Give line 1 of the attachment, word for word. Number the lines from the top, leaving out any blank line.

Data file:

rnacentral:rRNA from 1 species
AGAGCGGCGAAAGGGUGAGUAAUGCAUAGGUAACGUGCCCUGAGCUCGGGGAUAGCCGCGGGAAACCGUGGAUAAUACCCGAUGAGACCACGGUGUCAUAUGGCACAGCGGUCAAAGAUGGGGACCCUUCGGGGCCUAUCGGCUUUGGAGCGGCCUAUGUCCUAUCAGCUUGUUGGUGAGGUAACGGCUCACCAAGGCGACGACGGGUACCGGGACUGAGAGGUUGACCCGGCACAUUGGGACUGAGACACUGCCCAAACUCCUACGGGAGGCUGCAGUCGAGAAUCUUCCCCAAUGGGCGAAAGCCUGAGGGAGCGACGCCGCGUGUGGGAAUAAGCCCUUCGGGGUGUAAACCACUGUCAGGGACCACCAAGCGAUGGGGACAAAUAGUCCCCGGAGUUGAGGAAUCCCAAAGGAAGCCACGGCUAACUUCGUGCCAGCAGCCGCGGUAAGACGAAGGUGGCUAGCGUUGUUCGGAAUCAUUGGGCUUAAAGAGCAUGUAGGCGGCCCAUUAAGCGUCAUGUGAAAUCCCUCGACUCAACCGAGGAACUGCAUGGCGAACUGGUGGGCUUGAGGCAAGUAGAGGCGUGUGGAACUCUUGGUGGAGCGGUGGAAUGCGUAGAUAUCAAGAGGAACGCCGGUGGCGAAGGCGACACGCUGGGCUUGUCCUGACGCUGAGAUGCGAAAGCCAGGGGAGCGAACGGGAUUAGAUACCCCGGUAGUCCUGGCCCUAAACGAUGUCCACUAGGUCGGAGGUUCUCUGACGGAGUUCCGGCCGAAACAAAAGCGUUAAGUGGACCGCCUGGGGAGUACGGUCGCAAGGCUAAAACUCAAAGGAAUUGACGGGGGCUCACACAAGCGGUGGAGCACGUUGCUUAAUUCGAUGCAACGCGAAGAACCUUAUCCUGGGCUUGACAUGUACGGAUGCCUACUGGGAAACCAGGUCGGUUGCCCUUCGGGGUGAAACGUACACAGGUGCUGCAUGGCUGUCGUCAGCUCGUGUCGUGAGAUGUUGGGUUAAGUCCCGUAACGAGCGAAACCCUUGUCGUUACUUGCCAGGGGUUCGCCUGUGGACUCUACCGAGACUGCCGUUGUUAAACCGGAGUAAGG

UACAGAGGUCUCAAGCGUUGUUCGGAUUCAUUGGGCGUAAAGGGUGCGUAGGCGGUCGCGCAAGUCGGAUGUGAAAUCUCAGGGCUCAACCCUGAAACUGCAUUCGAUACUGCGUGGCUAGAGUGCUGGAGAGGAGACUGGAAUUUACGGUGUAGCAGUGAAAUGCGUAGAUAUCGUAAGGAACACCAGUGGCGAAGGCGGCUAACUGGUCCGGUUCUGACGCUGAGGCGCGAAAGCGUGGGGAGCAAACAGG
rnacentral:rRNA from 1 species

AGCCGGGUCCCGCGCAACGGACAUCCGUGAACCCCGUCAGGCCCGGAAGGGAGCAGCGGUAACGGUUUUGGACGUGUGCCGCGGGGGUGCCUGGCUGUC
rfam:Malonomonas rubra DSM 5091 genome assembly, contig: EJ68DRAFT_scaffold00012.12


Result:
rnacentral:rRNA from 1 species